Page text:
If your small businesses managed to secure a Paycheck Protection Program (PPP) loan before the well ran dry, your next task is figuring out how to use it. Here’s a list of the expenses that qualify for forgiveness (meaning you don’t have to pay the loan back).

Remember, your lender will perform an audit at the end of the 8-week forgiveness period to see how you spent the loan. Be sure to keep the relevant paperwork we list under each section, so you can sail through the audit.

Salaries & Wages

A minimum of 75% of your PPP loan must go to compensating your employees, excluding those who earn more than $100,000 per year. We are still waiting for guidance from the Small Business Administration on salaries over $100,000 and business owner/family salaries.

For the audit: Payroll processing reports, tax reports or other reports such as paid time off (vacation or sick leave).

Healthcare Benefits

This is for paying any premiums due on the company’s group health insurance plan. Company owners and family are included if they’re on the group plan. However, it appears that payments to the owner’s individual policy or Health Savings Account contributions do not qualify for PPP loan forgiveness.

For the audit: Insurance invoice(s) and proof of payment.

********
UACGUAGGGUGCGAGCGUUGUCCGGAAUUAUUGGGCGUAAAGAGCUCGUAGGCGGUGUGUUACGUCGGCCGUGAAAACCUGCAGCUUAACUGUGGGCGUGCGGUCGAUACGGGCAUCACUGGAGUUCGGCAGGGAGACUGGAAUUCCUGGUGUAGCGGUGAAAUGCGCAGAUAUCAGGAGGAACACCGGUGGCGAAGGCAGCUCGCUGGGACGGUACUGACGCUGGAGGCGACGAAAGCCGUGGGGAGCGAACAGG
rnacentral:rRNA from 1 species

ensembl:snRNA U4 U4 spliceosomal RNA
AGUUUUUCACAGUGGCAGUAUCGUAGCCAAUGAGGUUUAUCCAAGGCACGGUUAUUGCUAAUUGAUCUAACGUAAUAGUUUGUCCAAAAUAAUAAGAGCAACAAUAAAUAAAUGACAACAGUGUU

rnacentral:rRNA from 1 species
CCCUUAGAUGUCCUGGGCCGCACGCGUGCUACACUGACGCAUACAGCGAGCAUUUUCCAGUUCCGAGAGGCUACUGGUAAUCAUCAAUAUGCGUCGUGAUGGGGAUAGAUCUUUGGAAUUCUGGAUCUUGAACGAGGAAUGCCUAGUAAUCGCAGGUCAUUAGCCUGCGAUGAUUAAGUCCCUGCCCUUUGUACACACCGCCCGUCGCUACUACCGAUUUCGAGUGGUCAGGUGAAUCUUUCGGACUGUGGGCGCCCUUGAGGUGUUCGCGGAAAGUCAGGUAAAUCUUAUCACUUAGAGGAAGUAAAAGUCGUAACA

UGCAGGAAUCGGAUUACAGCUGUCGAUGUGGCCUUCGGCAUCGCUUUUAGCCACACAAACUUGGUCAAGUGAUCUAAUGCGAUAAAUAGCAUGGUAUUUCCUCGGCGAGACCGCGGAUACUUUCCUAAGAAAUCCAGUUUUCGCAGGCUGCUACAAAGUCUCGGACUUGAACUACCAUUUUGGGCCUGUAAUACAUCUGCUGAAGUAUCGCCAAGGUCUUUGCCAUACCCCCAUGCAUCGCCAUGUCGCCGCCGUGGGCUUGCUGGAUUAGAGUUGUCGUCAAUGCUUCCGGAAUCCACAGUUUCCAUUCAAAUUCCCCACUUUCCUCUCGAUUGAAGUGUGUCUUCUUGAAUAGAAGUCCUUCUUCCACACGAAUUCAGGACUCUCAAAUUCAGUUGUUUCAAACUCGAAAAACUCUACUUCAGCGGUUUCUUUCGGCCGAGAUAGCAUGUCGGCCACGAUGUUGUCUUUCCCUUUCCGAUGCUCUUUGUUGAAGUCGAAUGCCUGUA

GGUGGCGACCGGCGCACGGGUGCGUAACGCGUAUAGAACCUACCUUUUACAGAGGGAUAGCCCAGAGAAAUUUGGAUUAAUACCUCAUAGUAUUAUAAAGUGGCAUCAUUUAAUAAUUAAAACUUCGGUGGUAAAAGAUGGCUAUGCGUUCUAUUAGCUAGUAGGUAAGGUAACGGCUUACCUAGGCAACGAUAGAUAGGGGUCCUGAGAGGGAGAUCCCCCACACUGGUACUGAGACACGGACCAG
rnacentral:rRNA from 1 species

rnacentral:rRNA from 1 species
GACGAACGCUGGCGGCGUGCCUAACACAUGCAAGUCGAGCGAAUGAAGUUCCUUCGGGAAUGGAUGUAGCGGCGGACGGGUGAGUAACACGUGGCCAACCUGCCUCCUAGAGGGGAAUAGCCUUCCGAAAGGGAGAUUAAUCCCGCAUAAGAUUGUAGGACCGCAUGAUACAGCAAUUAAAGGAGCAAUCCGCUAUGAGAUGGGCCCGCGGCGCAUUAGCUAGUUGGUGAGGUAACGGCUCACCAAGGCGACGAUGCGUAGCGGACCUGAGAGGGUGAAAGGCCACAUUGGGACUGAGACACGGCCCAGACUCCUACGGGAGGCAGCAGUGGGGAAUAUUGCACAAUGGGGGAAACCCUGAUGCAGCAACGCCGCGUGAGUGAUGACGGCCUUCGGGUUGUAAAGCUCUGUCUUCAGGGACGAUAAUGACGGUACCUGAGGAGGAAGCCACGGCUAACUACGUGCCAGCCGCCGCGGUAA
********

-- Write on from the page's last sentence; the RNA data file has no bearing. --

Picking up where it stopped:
Retirement Plan Contributions

If you offer your employees a Defined Benefit Plan, Defined Contribution Plan or SEP IRA, you can use some of your PPP loan to continue funding that plan. There’s no specific guidance about benefits paid to the owner or owner’s family, but we doubt that it would be forgiven.

For the audit: Retirement plan statements, funding schedules and proof of remittances.

Non-Payroll Expenses

Operating expenses that don’t directly benefit employees — a few of which we’ll list below — can’t total more than 25% of the loan. If you go over that percentage, you’ll have to pay back any excess amounts.

 

Rent

To be forgiven, the expense must be both incurred and paid during the 8-week loan period. Any rent that was already due before the date of the loan doesn’t qualify. Also, the lease must have been signed before February 15, 2020.

For the audit: Signed lease contract, proof of rent payment (canceled check, ACH, bank statement or wire).

Utilities

This covers electricity, gas, water, phone, internet, etc. It’s not clear what the SBA means by “etc.” Service contract agreements must have been in effect before February 15, 2020.

For the audit: Proof of payment for each utility.

Interest on Business Loans

You may use some of your PPP loan to pay the interest on your business mortgage, practice acquisition loan, build-out loan or any loan secured by business personal property. The mortgage/loan must have been in effect before February 15, 2020.

For the audit: Bank statement or loan invoice showing principal and interest, plus proof of payment. You may wish to pay principal and interest separately during the 8-week PPP loan period so there’s no question in the auditor’s mind.

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